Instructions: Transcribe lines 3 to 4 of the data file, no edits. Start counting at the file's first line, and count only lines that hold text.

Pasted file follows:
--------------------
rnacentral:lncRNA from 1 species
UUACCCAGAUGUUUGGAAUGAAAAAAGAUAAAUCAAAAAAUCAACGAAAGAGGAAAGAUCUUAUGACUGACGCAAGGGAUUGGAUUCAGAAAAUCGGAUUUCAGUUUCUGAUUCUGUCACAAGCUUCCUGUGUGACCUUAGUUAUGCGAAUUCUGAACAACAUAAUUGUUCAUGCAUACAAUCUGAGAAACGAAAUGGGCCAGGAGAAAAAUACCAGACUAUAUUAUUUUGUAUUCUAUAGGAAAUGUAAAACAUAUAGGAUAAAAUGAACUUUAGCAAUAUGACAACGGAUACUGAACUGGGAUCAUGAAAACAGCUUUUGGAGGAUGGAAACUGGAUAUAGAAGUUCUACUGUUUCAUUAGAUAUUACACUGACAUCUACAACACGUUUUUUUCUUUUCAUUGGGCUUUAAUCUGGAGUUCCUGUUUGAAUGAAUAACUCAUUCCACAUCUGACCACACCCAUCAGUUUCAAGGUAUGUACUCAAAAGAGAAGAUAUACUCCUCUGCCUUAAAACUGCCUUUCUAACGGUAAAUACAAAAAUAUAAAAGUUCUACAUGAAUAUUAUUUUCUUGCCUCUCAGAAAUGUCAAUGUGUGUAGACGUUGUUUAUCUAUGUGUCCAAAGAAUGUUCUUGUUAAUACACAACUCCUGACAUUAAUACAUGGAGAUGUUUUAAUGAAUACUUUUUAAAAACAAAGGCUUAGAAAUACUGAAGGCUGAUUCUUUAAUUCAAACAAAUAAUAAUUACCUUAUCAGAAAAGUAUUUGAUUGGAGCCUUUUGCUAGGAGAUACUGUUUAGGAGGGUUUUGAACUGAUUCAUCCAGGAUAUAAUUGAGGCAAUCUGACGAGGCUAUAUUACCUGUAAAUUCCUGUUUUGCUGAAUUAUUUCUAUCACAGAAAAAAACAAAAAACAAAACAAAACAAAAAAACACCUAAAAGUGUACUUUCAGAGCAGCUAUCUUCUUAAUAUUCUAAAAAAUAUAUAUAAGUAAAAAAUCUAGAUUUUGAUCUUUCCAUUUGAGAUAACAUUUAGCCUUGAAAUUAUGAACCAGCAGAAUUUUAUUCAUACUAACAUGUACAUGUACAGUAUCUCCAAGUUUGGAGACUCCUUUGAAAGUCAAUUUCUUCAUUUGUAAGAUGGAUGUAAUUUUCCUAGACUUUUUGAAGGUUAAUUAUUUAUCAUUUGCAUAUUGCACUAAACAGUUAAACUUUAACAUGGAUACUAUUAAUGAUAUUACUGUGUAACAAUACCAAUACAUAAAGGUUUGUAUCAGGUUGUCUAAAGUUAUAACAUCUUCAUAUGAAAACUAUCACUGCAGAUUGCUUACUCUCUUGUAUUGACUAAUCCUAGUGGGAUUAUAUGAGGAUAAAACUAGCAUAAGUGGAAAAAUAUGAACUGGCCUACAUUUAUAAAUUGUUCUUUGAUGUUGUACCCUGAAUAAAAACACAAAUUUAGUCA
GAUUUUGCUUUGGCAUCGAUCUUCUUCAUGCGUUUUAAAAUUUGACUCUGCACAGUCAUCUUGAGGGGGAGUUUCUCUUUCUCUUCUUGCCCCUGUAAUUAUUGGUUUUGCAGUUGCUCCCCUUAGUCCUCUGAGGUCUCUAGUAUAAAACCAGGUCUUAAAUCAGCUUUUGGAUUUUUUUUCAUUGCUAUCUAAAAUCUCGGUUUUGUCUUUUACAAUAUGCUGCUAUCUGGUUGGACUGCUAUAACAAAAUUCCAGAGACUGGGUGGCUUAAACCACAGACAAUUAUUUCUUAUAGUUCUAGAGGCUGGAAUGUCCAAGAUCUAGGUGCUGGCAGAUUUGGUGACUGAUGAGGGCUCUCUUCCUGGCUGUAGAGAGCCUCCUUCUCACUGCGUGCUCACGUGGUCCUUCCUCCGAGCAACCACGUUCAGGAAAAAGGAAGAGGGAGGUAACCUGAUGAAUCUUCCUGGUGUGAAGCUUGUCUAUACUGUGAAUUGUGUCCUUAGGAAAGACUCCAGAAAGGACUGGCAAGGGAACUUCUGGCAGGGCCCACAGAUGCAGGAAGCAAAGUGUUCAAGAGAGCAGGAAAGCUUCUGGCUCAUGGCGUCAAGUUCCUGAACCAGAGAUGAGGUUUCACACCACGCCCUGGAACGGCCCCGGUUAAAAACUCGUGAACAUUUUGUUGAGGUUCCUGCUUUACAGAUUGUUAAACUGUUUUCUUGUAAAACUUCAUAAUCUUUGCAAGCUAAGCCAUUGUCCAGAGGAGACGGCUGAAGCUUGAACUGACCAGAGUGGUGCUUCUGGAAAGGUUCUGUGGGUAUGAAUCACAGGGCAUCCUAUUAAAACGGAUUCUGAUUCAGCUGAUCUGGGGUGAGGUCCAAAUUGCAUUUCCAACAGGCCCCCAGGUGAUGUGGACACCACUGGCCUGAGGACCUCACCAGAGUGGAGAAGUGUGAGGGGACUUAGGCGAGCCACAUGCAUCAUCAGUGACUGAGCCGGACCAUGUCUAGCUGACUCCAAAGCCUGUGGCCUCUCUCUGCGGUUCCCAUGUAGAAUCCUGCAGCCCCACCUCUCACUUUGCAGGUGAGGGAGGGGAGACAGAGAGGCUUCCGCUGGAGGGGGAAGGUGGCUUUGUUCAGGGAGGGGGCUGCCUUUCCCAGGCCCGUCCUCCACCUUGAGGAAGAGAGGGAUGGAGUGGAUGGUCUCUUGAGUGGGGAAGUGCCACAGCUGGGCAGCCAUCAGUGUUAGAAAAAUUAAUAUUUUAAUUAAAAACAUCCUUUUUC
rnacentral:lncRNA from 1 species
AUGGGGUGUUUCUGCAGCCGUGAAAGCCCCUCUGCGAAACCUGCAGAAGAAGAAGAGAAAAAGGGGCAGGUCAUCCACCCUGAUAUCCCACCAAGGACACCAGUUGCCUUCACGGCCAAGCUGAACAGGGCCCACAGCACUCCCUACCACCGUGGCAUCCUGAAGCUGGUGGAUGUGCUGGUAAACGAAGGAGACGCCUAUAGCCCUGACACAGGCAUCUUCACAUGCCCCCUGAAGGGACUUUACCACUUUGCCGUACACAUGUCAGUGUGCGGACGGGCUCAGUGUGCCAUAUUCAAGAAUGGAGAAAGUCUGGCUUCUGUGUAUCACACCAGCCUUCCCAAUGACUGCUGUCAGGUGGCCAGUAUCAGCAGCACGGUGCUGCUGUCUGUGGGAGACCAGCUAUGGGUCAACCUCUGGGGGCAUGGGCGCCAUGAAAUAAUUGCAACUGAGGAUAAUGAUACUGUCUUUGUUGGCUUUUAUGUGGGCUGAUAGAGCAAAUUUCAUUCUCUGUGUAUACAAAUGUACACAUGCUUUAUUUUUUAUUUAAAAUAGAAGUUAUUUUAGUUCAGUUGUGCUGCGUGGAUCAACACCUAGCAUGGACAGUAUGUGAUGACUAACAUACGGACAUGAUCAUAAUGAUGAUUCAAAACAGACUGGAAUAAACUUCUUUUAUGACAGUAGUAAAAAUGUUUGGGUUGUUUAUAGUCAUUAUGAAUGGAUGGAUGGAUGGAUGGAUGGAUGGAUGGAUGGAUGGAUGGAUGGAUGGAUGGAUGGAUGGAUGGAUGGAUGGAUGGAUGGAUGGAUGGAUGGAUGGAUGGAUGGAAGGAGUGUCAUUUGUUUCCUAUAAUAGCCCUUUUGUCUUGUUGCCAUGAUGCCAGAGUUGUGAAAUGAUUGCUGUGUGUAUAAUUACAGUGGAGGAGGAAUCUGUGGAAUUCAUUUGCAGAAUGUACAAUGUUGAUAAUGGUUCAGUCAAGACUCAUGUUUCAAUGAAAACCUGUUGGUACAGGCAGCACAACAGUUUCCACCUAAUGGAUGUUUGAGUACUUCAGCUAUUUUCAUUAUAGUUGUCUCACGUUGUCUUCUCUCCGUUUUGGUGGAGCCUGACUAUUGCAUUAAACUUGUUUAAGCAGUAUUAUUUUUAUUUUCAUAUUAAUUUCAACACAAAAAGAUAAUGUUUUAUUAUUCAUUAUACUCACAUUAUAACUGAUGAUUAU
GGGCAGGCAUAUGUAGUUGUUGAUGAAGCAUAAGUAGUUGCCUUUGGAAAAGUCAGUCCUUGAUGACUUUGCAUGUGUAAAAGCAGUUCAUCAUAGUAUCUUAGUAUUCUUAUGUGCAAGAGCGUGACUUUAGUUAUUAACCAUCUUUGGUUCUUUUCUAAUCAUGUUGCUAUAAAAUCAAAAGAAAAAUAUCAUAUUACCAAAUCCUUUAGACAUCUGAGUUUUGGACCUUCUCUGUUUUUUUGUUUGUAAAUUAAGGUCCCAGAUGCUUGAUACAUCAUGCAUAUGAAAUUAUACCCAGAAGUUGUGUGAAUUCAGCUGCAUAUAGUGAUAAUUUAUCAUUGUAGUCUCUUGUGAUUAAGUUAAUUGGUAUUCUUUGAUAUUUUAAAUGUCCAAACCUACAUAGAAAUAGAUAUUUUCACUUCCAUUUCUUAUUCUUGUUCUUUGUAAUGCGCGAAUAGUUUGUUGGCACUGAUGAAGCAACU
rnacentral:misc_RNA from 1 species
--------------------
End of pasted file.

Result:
GAUUUUGCUUUGGCAUCGAUCUUCUUCAUGCGUUUUAAAAUUUGACUCUGCACAGUCAUCUUGAGGGGGAGUUUCUCUUUCUCUUCUUGCCCCUGUAAUUAUUGGUUUUGCAGUUGCUCCCCUUAGUCCUCUGAGGUCUCUAGUAUAAAACCAGGUCUUAAAUCAGCUUUUGGAUUUUUUUUCAUUGCUAUCUAAAAUCUCGGUUUUGUCUUUUACAAUAUGCUGCUAUCUGGUUGGACUGCUAUAACAAAAUUCCAGAGACUGGGUGGCUUAAACCACAGACAAUUAUUUCUUAUAGUUCUAGAGGCUGGAAUGUCCAAGAUCUAGGUGCUGGCAGAUUUGGUGACUGAUGAGGGCUCUCUUCCUGGCUGUAGAGAGCCUCCUUCUCACUGCGUGCUCACGUGGUCCUUCCUCCGAGCAACCACGUUCAGGAAAAAGGAAGAGGGAGGUAACCUGAUGAAUCUUCCUGGUGUGAAGCUUGUCUAUACUGUGAAUUGUGUCCUUAGGAAAGACUCCAGAAAGGACUGGCAAGGGAACUUCUGGCAGGGCCCACAGAUGCAGGAAGCAAAGUGUUCAAGAGAGCAGGAAAGCUUCUGGCUCAUGGCGUCAAGUUCCUGAACCAGAGAUGAGGUUUCACACCACGCCCUGGAACGGCCCCGGUUAAAAACUCGUGAACAUUUUGUUGAGGUUCCUGCUUUACAGAUUGUUAAACUGUUUUCUUGUAAAACUUCAUAAUCUUUGCAAGCUAAGCCAUUGUCCAGAGGAGACGGCUGAAGCUUGAACUGACCAGAGUGGUGCUUCUGGAAAGGUUCUGUGGGUAUGAAUCACAGGGCAUCCUAUUAAAACGGAUUCUGAUUCAGCUGAUCUGGGGUGAGGUCCAAAUUGCAUUUCCAACAGGCCCCCAGGUGAUGUGGACACCACUGGCCUGAGGACCUCACCAGAGUGGAGAAGUGUGAGGGGACUUAGGCGAGCCACAUGCAUCAUCAGUGACUGAGCCGGACCAUGUCUAGCUGACUCCAAAGCCUGUGGCCUCUCUCUGCGGUUCCCAUGUAGAAUCCUGCAGCCCCACCUCUCACUUUGCAGGUGAGGGAGGGGAGACAGAGAGGCUUCCGCUGGAGGGGGAAGGUGGCUUUGUUCAGGGAGGGGGCUGCCUUUCCCAGGCCCGUCCUCCACCUUGAGGAAGAGAGGGAUGGAGUGGAUGGUCUCUUGAGUGGGGAAGUGCCACAGCUGGGCAGCCAUCAGUGUUAGAAAAAUUAAUAUUUUAAUUAAAAACAUCCUUUUUC
rnacentral:lncRNA from 1 species